“The contemplation of things as they are, without error or confusion, without substitution or imposture, is in itself a nobler thing than a whole harvest of invention”

    Francis Bacon

  5. #1225
    argentic's Avatar
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    Quote Originally Posted by cliveh View Post
    I have always felt that design of small details within your working environment of great importance. If you are going to do something again and again and again and get good at it, then design of your working environment is extremely important. To give an example of this, my Durst enlarger is bolted to the wall at a height to suit me, as is the bench beneath, as is my Durst Labotim and Stop Clock, as is my De Vere. In short I would suggest that consideration of small design details within your darkroom/studio are of great importance. Have others considered how their initial design could be improved and can they give examples which may be of use to others?
    That's exactly why I started this thread seven years ago. It's the small details that make all the difference in a workspace. Since then I learned a great deal from all these different darkroom designs. But many contributors dont realise how important the small details are. And often the simplest solutions are the most ingenious ones. So details please ! Details !
    Wilbert
    http://www.photovergne.com
    Cours photo en Auvergne

  6. #1226
    cliveh's Avatar
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    Quote Originally Posted by argentic View Post
    That's exactly why I started this thread seven years ago. It's the small details that make all the difference in a workspace. Since then I learned a great deal from all these different darkroom designs. But many contributors dont realise how important the small details are. And often the simplest solutions are the most ingenious ones. So details please ! Details !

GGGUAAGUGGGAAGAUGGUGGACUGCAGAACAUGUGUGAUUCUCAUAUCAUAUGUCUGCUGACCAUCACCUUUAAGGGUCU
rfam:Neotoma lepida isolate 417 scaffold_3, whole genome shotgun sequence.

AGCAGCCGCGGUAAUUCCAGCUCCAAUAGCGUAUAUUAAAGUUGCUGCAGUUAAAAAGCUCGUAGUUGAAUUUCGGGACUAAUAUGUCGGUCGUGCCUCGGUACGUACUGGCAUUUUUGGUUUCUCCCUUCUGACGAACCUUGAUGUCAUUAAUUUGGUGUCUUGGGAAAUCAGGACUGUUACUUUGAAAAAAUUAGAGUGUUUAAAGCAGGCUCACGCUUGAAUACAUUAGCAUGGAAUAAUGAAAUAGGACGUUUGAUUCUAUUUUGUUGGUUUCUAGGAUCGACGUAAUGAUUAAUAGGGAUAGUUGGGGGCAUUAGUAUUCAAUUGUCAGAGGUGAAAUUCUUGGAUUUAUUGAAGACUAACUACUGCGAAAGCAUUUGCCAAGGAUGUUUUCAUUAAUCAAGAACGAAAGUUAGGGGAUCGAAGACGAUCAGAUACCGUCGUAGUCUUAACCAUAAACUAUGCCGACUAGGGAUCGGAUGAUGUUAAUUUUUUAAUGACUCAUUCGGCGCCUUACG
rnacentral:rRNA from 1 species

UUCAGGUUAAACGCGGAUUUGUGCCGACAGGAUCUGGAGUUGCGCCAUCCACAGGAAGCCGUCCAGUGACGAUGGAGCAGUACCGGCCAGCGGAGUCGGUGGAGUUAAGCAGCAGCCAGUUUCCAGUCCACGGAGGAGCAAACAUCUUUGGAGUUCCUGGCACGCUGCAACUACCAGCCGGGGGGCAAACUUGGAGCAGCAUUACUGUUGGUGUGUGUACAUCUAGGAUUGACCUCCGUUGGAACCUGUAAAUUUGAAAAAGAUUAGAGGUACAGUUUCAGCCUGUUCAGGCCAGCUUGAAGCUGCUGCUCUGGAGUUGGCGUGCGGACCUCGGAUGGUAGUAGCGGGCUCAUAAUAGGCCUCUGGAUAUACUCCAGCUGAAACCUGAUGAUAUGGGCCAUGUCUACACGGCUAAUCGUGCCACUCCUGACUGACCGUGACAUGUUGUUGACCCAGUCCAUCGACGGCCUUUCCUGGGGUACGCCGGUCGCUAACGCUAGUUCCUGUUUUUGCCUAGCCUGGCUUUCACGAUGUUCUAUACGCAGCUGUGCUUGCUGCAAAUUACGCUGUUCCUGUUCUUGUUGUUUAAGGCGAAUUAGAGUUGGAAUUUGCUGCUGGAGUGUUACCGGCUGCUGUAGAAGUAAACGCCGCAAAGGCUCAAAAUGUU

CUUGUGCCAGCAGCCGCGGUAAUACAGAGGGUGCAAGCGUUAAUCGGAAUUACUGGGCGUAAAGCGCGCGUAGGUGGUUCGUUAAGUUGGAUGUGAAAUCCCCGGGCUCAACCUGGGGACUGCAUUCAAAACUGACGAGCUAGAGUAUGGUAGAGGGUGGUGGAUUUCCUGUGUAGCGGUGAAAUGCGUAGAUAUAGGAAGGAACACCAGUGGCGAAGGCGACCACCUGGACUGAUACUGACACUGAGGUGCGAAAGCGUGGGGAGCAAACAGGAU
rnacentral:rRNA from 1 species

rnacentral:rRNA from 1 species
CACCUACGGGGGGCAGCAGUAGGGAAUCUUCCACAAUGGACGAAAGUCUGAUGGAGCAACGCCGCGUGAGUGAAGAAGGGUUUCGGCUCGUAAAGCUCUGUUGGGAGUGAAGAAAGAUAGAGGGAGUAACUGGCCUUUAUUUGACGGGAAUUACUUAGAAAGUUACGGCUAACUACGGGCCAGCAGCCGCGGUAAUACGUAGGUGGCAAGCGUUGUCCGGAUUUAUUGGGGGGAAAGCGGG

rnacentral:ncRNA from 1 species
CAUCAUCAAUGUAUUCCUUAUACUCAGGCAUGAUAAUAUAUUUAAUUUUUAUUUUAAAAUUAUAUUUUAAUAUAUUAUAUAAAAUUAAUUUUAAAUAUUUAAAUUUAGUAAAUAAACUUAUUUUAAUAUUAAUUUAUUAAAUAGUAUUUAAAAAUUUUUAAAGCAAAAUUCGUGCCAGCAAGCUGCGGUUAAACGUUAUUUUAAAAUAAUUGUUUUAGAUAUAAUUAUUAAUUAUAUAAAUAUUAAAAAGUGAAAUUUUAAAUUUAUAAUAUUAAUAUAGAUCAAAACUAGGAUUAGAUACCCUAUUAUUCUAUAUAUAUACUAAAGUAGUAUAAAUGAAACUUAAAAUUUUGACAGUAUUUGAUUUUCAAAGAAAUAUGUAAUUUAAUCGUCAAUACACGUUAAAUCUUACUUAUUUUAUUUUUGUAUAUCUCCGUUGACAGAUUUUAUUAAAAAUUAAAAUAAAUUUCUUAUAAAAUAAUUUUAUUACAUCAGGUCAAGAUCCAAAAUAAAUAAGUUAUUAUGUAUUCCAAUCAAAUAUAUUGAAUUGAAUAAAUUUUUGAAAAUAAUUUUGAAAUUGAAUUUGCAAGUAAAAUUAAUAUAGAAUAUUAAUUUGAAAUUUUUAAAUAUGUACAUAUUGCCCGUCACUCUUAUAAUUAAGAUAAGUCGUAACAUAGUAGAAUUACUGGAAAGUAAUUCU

Well for instance, the ability to lightproof sink compartments means that I can coat material with light sensitive solutions and by putting down the wooden lightproof cover, they can then dry within an air space in total darkness.

    “The contemplation of things as they are, without error or confusion, without substitution or imposture, is in itself a nobler thing than a whole harvest of invention”

    Francis Bacon

  7. #1227
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    in a dark room

    i just put some of my darkroom portraits into the darkroom portraits gallery.

    but here they are.

    i have to leitz/leica enlargers. one v35 and a focomat 2c. my darkroom "sink" is a industrial table that i have plastic on to protect from chemicals. i have the tools hung on the shelf above it.

    oh, i also have an american flag hanging around...

    Chris!
    Attached Thumbnails Attached Thumbnails dark 001 072.jpg   dark 003 072.jpg   dark 005 072.jpg   dark 002 072.jpg   dark 007 072.jpg  

    Chris Schuster
    Shutterclank!

  8. #1228
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    Agree with "Argentic" --- love the wet side of your place.

  9. #1229
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    Hi George,
    I'm in the process of designing my new darkroom and I'm wondering what to do about the sink. I want a stainless steel one but all I find are terribly expensive. Did you buy yours or make it yourself? I'm considering making mine out of wood and just using an epoxy to water-proof it.

    Your darkroom looks beautiful by the way!

  10. #1230
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    Quote Originally Posted by dambo29 View Post
    Hi George,
    I'm in the process of designing my new darkroom and I'm wondering what to do about the sink. I want a stainless steel one but all I find are terribly expensive. Did you buy yours or make it yourself? I'm considering making mine out of wood and just using an epoxy to water-proof it.

    Your darkroom looks beautiful by the way!
    You may be able to find a good used one on Craigslist. Picked up an 8ft for $100 a while back. Would cost more to make one IMHO.
    Items for sale or trade at www.Camera35.com